Castile and other Iberian regions in 1770

Kastilien 1833

Old Castile and New Castile (1833 until the early 1980s).

Kastilien heute

Self-defined Castilian autonomous communities (since the 1980s). The Leonese region joined with Old Castile, Albacete region joined with New Castile, while Cantabria, La Rioja and Madrid became administrative regions of their own.

Flags

Royal Banner of the Kingdom of Castile

Older banner of the Kingdom of Castile.

Flag of Castile

Historic Castilian flag. This flag is now used by Castilian regionalists.

Royal Banner of the Crown of Castille (Early Style)

Historic flag of the Crown of Castile. This shows the union of the Kingdom of Castile with the Kingdom of Leon to form the Crown of Castile.

Flag of Castile and León

Flag of the autonomous community of Castilla y León.

Flag of Castile-La Mancha

Flag of the autonomous community of Castile–La Mancha.

Flag of the Community of Madrid

Flag of the autonomous community of Madrid. The red color symbolizes the connection to both Castiles.[4]

Flag of Castile (purple)

Flag used by Castilian Nationalists.

Flag of Castile (with star)

Flag used by Castilian Left followers.

Coats of arms

Heraldic Sign of the King of Castile (1171-1214)

Heraldic Sign of the Kingdom of Castile between 1171-1214

Royal Arms of Castille (1214-15th Century)

Historic coat of arms of the Kingdom of Castile between 1214-1230

Coat of Arms of Castile with the Royal Crest

Coat of Arms of Castile with the Royal Crest

Royal Coat of Arms of the Crown of Castile (1230-1284)

Historic coat of arms of the Crown of Castile between 1230-1284.
This shows the union of the Kingdom of Castile with the Kingdom of Leon to form the Crown of Castile.

Royal Coat of Arms of the Crown of Castile (1284-1390)

Historic coat of arms of the Crown of Castile between 1284-c.1400

Royal Coat of Arms of the Crown of Castile (15th Century)

Historic coat of arms of the Crown of Castile between c.1400-1500

Coat of Arms of the Crown of Castile (16th Century-1715)

Historic coat of arms of the Crown of Castile between 1500-1705

Coat of Arms of Castile and Leon

Coat of arms of the autonomous community of Castile and León

Coat of Arms of Castile-La Mancha

Coat of arms of the autonomous community of Castile–La Mancha

Coat of Arms of the Community of Madrid

Coat of arms of the Community of Madrid. The two castles represent the two Castilian communities and Madrid as their union

See also

References

  1. ^ a b Castile (region, Spain) article from the Encyclopedia Britannica.
  2. ^ Martínez Díez, Gonzalo (2005). El Condado de Castilla, (711-1038) - La Historia frente a la Leyenda. Marcial Pons, Ediciones de Historia. p. 819. ISBN 84-9718-275-8.
  3. ^ "En efecto, la negativa de las provincias castellano-manchegas a la integración de Madrid en su región, su falta de entidad regional histórica, su existencia como Área Metropolitana y, el ser la Villa de Madrid la capital del Estado significaron que la provincia madrileña partiese de cero en el camino de su autonomía, sin trámites intermedios, sin régimen preautonómico". "La falta de entidad regional histórica de Madrid, hizo preciso acudir a la vía del artículo 144, apartado a) de la Norma Fundamental: "Las Cortes Generales, mediante ley orgánica, podrán por motivos de interés nacional: a)Autorizar la constitución de una Comunidad Autónoma cuando su ámbito territorial no supere el de una provincia y no reúna las condiciones del apartado 1 del artículo 143." Blanca Cid. Directora de Gestión Parlamentaria de la Asamblea de la Comunidad de Madrid. (2003). "Sinopsis del Estatuto de la Comunidad de Madrid" (in Spanish). Archived from the original on 2009-12-11. Retrieved 2009-12-26.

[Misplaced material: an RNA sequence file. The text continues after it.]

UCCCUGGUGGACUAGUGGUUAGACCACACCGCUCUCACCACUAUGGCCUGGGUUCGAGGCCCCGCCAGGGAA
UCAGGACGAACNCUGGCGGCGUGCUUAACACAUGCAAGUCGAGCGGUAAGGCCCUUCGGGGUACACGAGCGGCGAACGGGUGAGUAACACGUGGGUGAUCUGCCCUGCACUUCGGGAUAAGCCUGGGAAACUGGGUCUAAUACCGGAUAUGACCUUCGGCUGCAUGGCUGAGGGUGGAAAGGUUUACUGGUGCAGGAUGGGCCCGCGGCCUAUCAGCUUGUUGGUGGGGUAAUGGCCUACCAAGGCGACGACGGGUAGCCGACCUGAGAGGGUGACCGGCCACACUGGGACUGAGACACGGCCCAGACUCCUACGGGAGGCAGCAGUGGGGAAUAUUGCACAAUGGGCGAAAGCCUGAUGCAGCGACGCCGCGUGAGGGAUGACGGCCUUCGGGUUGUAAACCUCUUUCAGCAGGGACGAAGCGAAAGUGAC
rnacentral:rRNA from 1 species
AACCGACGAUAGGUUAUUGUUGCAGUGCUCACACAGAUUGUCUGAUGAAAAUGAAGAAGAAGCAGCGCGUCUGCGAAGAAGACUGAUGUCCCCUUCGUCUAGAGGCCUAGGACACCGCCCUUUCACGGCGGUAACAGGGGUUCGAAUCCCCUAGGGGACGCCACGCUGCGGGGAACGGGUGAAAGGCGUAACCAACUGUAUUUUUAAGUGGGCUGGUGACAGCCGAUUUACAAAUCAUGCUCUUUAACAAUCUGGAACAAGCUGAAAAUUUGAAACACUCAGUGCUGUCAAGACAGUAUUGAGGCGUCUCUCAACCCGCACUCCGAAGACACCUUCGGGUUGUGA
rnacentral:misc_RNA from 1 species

4. ^ El escudo y la bandera. Memoria y diseños de los símbolos de la Comunidad Autónoma de Madrid., page 5. Santiago Amón, published by Comunidad de Madrid. ISBN 84-500-9765-7
Amurrio

Amurrio is a town and municipality located in the northwest part of the province of Álava, in the Basque Country, northern Spain. It has over 10,000 inhabitants. It is between Vitoria-Gasteiz and Bilbao, respectively to 41 km and 31 km.

Castile, New York (disambiguation)

Castile, New York refers to a village and a town located in Wyoming County, New York.

Castile (village), New York

Castile (town), New YorkThe places are named after Castile (historical region), a former kingdom in Spain, but are pronounced differently (as if written as Cast Isle).

Castilians

Castilians (Spanish: castellanos) are certain inhabitants in regions of central Spain: Castile and León, Castile-La Mancha, and the Community of Madrid, who are the source of the Spanish language (Castilian) among other aspects of cultural identity. West Castile and León, Albacete, Cantabria and La Rioja are often also included in the definition, but this is controversial for historical reasons and the strong sense of unique cultural identity of those regions.

A broader definition is to consider as Castilians the population belonging to the Peninsular territories (and Canary Islands) controlled by the Crown of Castile, which is a large part of the Iberian Peninsula.

However, not all people in the regions of the medieval Kingdom of Castile or Crown of Castile think of themselves as Castilian. For this reason, the exact limits of what Castile is today are disputed. As an ethnicity, they are most commonly associated with the sparsely populated inner plateau of the Iberian peninsula, which is split in two by the Sistema Central mountain range and Northern or Old Castile from Southern or New Castile, the latter being somewhat closer in terms of culture and dialect to southern regions of Spain such as Andalusia, Extremadura and Murcia.